Bug in tap water puts ‘161,000 at risk of crippling illness’

Watchdog warns 25 supplies around Ireland lack adequate treatment to kill off parasite

The Environmental Protection Agency has warned over a microscopic parasite in drinking water. Photograph: iStock/Getty

The Environmental Protection Agency has warned over a microscopic parasite in drinking water. Photograph: iStock/Getty


Some 161,000 people are at risk of crippling illness from a microscopic parasite in drinking water, the Environmental Protection Agency has warned.

The agency said 25 supplies to homes, schools, hospitals and businesses around the country do not have adequate treatment to kill off the cryptosporidium bug.

Among them are 26,905 people living in and around Letterkenny, Co Donegal, where the improvements should have been finished in 2013.

There are another 62,066 people living under the threat of sickness from the parasite in the Killarney and Tralee areas of Co Kerry, and 19,689 people in Portlaoise, with upgrade works in both areas to be finished in December.

And 12,823 people are drinking inadequately-treated water in parts of Sligo served by the Lough Talt supply.

The EPA also warned that a herbicide increasingly used on marshy land is affecting up to 70 water supplies.


Darragh Page, senior drinking water inspector in the EPA’s office of environmental enforcement, said on Tuesday Irish Water was being asked to provide – within one month – a national plan to outline how they will deal with the issue.

Mr Page said if pesticides are used on land before heavy rain they can be washed into rivers and lakes.

Mr Page said another common problem was if the container used to hold the pesticide was washed in a river. “A very, very small amount . . . Even in an empty container, the drops of pesticides in it are enough to contaminate a water supply.”

He said it was “absolutely crucial that Irish Water has an ongoing secure and sustainable source of funding” so it has the funding in place to complete these projects.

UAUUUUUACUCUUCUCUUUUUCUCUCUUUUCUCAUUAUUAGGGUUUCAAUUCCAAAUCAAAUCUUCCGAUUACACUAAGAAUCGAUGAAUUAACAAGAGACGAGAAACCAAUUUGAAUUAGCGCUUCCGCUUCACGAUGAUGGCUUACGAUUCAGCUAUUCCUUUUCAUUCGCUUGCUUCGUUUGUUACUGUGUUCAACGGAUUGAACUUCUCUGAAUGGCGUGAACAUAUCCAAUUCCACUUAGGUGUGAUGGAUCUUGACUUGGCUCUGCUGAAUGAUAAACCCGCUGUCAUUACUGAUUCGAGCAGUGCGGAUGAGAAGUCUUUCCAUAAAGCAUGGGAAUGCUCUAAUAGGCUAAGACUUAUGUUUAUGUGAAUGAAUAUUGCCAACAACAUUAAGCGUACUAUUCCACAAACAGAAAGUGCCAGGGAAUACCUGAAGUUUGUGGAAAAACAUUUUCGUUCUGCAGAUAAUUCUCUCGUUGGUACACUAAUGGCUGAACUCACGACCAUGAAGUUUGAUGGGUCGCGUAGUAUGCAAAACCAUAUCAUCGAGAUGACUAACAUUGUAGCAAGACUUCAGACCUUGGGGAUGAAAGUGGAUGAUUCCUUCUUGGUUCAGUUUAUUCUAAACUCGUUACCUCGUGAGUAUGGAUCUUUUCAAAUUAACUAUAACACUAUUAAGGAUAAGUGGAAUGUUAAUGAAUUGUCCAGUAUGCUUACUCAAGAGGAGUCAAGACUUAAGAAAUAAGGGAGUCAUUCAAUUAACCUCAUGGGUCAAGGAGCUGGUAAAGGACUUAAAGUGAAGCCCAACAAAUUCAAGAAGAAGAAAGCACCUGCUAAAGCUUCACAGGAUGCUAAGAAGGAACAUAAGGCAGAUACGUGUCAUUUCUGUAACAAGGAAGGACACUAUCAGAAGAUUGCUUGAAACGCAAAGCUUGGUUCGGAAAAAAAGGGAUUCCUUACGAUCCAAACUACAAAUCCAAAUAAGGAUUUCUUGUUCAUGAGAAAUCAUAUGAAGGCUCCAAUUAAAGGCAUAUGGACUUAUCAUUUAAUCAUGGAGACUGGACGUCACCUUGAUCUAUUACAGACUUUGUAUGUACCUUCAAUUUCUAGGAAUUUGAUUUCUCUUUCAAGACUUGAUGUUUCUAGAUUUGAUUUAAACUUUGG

Mr Page said the biggest concern was the 25 supplies around the country that do not have adequate treatment for cryptosporidium.

“That means the water is taken straight from a river or lake and there’s no filtration on the supply, chlorine is added and that’s it. They serve around 161,000 people. That’s our highest priority.

“There’s a possibility that these supplies could end up on a boil water notice and they need to be fixed as soon as possible.”

Tap water standards

The EPA’s review of drinking water quality for 2016 said the number of supplies at risk from cryptosporidium reduced from 37 to 25.

As of this month, 87 supplies were still on the so-called Remedial Action List for work to be carried out to protect tap water standards.

The watchdog said that last year E. coli was detected at least once in three supplies, compared with seven supplies in 2015.

They were Newcastle Hospital in Co Wicklow, Aughclare-Campile in Co Wexford and An Ghraig in Co Kerry. All three issues were resolved within weeks, it said.

The EPA said more than 3,600 people still have to boil water every day in order to have a clean supply to drink.

The worst of those affects 3,427 people in Ballinlough and Loughglynn in Co Roscommon because of issues in treating cryptosporidium.